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New York Convention applies to the recognition and enforcement of Basketball Arbitral Tribunal awards

It has been widely supported in legal scholarship that arbitral awards issued by the Basketball Arbitral Tribunal may be recognized and declared enforceable by virtue of the 1958 New York Convention on the Recognition and Enforcement of Foreign Arbitral Awards. A recent judgment rendered by the Thessaloniki Court of first Instance examined a pertinent application, and granted recognition and enforcement of the BAT award in Greece.

 

THE PROCEEDINGS IN GENEVA

The Greek Player V.K. and his Agency, S. Enterprise Ltd., filed a claim against the Greek Club A. B.C. 2003 for outstanding salaries, bonuses, agent fees, declaratory relief and interest. The Claimant submitted that the Respondent breached the contractual relationship by failing to pay several salary instalments as well as the agent fees. The Respondent did not participate in the proceedings. The claim was partially upheld by the Arbitrator. The Tribunal ordered the Club to pay a series of amounts and costs to the applicants.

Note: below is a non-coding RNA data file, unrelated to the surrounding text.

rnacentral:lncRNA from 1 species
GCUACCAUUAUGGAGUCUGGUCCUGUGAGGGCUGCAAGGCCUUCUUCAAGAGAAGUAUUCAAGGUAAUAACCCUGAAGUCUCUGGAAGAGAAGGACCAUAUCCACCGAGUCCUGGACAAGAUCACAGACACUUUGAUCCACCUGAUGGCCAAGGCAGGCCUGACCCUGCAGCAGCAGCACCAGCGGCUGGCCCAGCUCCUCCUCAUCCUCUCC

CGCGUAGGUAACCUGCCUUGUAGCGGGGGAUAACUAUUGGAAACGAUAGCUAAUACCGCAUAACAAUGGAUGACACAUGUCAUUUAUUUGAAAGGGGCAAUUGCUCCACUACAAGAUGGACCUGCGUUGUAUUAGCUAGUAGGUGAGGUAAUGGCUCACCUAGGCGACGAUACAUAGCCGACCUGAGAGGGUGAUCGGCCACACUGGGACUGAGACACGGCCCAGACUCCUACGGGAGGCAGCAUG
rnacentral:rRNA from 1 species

Brentwood Industries v. Guangdong Fa Anlong Machinery Equipment Co., Ltd. –A third way to enforce China-seated arbitral awards made by foreign arbitration institution

Brentwood Industries v. Guangdong Fa Anlong Machinery Equipment Co., Ltd.–A third way to enforce China-seated arbitral awards made by foreign arbitration institution

by Jingru Wang

Wuhan University Institute of International Law

Background

Nationality of an arbitral award marks the source of the legal validity of the award. Most countries generally divide the awards into domestic awards and foreign awards, and provide different requirements for their recognition and enforcement. It is a common practice to determine the nationality of the arbitral award by the seat of arbitration, which is the so-called “territorial theory”. However, Chinese law adopts the “institutional theory”, which raises controversy concerning the nationality of the arbitral award made by foreign arbitration institutions located in mainland. After long-term debate in practice, the Brentwood Case[1] finally confirmed that China-seated arbitral awards made by a foreign arbitration institution shall be regarded as Chinese foreign-related awards.